Wednesday, February 25, 2015
Congress remains deadlocked over funding for the Department of Homeland Security as a Friday deadline to prevent a partial shutdown of the agency looms.
There's movement today in the Senate to try to find a way out of the impasse, according to Talking Points Memo:
On Tuesday, Senate Minority Leader Harry Reid (D-NV) said Democrats would filibuster a "clean" funding bill for the Department of Homeland Security until Speaker John Boehner (R-OH) committed to bringing it up in the House. Senate Majority Leader McConnell (R-KY) offered the plan as a way to break the logjam.
But on Wednesday, after Boehner refused to budge, Reid reversed course and endorsed a clean DHS bill. The aim is to put the heat on Boehner, who is facing immense pressure from the right to hold firm against President Barack Obama's immigration actions, and take away his ability to dodge the issue by saying it's the Senate's turn to act before the House decides what to do next.
"Senator McConnell has agreed to give us a vote on [clean DHS funding]. We're glad to see that that's happened, and we're going to do everything we can to make sure it passes by an overwhelming vote," Reid told reporters after meeting with Senate Democrats. "I think virtually every Democrat will vote for that."
The deadlock stems from the decision of House Republicans to tie a freeze of both the DACA program for DREAM Act kids and the Obama administration’s extended deferred deportation program to the funding of the agency. Among Southern Arizona members of the congressional delegation, Republican Martha McSally voted for the bill, while Democrats Ann Kirkpatrick and Raul Grijalva voted against it.
The DHS budget extension stalled in the Senate after Democrats blocked the legislation.
McSally won't say whether she would support a clean funding bill. McSally spokesman Patrick Ptak told the Weekly today that the office is "monitoring closely to see how the Senate will act since the House has passed a DHS funding bill and will keep you updated."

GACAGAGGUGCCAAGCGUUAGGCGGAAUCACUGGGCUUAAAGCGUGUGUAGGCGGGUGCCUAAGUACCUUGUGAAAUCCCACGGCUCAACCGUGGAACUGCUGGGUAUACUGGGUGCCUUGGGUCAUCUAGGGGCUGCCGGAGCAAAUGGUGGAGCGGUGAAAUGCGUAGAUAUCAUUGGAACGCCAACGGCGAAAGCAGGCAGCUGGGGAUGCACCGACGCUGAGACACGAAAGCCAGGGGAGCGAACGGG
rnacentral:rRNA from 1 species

But in a new USA Today op-ed, McSally gives the impression that she now believes the issues of funding Homeland Security and the president’s executive actions should be considered separately:
Most Americans agree the president overreached with his executive actions on immigration, and, for once, all three branches of government actually seem to agree. Congress, the courts and even the president himself (22 times) say that he did not have the authority to take such actions.
Now that he has defied even his own logic, the president's actions should be reversed, but not by withholding funding from the men and women who put their lives on the line to keep our country safe. The president overstepped his bounds by taking on the policy-making role of Congress, so the best action Congress can take is to do its job. That means securing our border and revamping our legal immigration system so it aligns with our economic needs.
McSally's GOP colleagues in the House didn't appear to be prepared to blink earlier today, according to The Hill.
Arizona's Republican senators have been forthright in saying that they believe tying DHS funding to overturning the executive actions was the wrong approach.
Sen. John McCain told “Meet the Press” that the work of the Department of Homeland Security was “too serious” to be tied up with the politics of the immigration battle. And Sen. Jeff Flake said on the Senate floor that blocking the executive actions via a spending bill “is not a good move in my view.”
“I believe that rather than poke the president in the eye, we ought to put legislation on his desk,” Flake added.
The political problem McSally and her fellow House Republicans face is this: Some GOP conservatives oppose decoupling the issues because they believe it's the only way to block Obama's executive actions on immigration. They want to see DHS shut down because they believe it will put pressure on the White House. As The Hill reports:
The DHS will shut down on Saturday without a funding bill, and Senate Majority Leader Mitch McConnell (R-Ky.) has said he’s ready to allow the Senate to vote on a “clean” funding bill with no immigration provisions.
Boehner has made no such commitment, however, and his party appears split on the issue.
While Republican leaders fear the GOP will be blamed for a shutdown, many rank-and-file members are determined not to support funding for the department unless they are also voting to defund or overturn Obama’s actions.